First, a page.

The Dangers of Relying too Heavily on Helm Electronics, by Capt. Bill Pike (continued)
Now I’m contemplating a different sort of theory, one that seems improbable at first, but is ultimately perhaps more plausible. Dana Goward, a retired U.S. Coast Guard captain and president of the Resilient Navigation and Timing Foundation (www.rntfnd.org) in Alexandria, Virginia, says “GPS spoofing” is at the bottom of the affair, not sloppy navigation. And what’s more, he contends that the GPS units on board the two RCBs, as well as some related electronic paraphernalia, were spoofed into an embarrassing situation by Iranian computer hackers, in much the same, highly publicized way that the GPS units on board the megayacht White Rose of Drachs were hijacked (as part of a demonstration) by professor Todd Humphreys and some grad students from the University of Texas at Austin in 2013.
Capt. Goward is far from an ill-informed speculator or alarmist. In addition to testifying before Congress on GPS-related matters, he held several top-shelf jobs with the U.S. Coast Guard prior to his retirement, among them director of transportation systems for the guard, chief of the search and rescue policy division, chief of boat forces, and director of assessment, integration and risk management. Moreover, he is a U.S. Coast Guard Academy graduate and MIT Seminar Fellow.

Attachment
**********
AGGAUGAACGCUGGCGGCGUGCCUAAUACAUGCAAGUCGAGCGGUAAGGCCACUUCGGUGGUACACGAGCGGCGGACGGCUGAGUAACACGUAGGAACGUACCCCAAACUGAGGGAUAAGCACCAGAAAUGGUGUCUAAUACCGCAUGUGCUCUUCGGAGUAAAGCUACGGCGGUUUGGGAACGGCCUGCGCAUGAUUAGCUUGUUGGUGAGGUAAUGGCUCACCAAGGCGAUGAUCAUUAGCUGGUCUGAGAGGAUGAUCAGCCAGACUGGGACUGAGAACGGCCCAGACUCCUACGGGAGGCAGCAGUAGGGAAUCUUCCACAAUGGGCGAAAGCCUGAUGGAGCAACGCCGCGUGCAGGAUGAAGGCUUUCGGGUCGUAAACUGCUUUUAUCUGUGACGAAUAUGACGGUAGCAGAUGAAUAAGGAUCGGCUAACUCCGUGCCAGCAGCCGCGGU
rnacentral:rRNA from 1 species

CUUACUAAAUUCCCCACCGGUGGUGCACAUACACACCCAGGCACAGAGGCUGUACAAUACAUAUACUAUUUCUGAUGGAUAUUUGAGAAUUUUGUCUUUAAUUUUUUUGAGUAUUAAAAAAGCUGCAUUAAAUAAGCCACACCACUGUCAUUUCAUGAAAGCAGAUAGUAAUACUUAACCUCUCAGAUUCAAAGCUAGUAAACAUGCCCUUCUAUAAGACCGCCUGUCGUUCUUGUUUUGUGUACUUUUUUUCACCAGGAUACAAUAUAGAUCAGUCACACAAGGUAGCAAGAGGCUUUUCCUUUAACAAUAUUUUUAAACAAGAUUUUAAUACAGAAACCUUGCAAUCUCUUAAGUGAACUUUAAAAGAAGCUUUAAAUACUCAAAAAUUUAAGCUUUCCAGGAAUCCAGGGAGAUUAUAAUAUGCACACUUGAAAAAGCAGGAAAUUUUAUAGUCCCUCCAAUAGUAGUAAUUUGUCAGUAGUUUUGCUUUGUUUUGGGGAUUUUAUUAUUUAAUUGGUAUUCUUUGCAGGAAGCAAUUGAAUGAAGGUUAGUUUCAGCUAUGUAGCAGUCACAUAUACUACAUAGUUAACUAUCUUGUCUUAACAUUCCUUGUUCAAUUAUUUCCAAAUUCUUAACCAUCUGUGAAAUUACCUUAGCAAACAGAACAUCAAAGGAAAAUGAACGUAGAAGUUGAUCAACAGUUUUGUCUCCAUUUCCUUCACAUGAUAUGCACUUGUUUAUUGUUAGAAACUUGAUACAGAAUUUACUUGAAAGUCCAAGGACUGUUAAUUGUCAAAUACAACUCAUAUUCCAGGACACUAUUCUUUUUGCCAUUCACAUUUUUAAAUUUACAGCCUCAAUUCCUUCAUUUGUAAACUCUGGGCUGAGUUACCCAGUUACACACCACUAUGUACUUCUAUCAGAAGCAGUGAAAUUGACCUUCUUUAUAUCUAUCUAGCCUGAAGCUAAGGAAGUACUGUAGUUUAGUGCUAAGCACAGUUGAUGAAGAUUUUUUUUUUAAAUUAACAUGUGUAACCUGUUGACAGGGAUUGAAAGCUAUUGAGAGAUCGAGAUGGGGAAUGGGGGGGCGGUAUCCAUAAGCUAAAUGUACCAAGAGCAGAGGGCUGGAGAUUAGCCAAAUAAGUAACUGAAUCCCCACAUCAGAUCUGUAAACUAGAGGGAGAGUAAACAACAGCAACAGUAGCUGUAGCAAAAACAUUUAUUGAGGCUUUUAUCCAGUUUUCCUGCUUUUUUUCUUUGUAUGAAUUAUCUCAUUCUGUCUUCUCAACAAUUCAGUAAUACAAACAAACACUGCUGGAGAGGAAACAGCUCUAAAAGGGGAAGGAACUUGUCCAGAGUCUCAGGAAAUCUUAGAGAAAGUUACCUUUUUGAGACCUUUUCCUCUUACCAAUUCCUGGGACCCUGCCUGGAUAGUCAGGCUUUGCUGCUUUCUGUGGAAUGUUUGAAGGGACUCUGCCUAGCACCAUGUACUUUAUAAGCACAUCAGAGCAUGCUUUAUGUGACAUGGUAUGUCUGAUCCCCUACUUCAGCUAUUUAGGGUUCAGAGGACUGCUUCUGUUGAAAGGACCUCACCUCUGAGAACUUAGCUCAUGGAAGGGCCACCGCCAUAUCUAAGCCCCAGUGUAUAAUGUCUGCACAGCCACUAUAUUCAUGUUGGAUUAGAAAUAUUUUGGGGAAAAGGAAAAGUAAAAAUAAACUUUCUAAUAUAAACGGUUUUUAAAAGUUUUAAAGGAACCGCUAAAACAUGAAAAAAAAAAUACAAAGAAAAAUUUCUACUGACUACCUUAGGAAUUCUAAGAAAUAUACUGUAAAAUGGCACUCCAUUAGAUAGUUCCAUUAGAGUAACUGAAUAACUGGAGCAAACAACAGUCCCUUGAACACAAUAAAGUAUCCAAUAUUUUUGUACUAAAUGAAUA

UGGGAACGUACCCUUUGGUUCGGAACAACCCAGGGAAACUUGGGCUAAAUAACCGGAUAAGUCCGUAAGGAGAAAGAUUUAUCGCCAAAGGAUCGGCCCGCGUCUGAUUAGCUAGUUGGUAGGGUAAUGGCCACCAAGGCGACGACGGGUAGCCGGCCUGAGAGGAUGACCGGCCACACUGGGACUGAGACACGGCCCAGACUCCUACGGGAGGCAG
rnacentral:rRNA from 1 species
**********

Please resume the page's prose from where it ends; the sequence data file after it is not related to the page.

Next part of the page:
“In 2011,” Goward explained during a recent phone interview, “the Iranians claimed to have manipulated the GPS on a CIA surveillance drone, sent it off its course, and then captured it. The fact that they later had possession of the drone made these claims credible. Why couldn’t the Iranians have done the very same thing to these two Navy vessels?”
Goward then outlined a spoofing scenario based on his own experiences as a navigator at sea. He began by suggesting that the crews of both RCBs, at the onset of their mission, had perhaps skipped the involved process of “keying in” any GPS encryption technology they may have had on board (See “A Mainstream Electronics Wizard Speaks”), due to the routine nature of the trip from Kuwait to Bahrain, an oversight that would have made the units much easier to spoof than encrypted units. He then went on to suggest that a couple of navigational redundancies that would have proved helpful to the crews while underway were quite possibly rendered unavailable by the planned route the boats had taken, “down the middle of the (Persian) Gulf,” according to the U.S. Navy Central Command.
“Conditions out there in open water,” he explained, “are often hazy, sandy, and foggy. So, given such conditions, you could reasonably expect that these two boats got far enough offshore so that both radar and visual bearings became unreliable if they were possible at all. So ultimately, for better or worse, these folks may have been relying on GPS exclusively or almost exclusively to navigate.”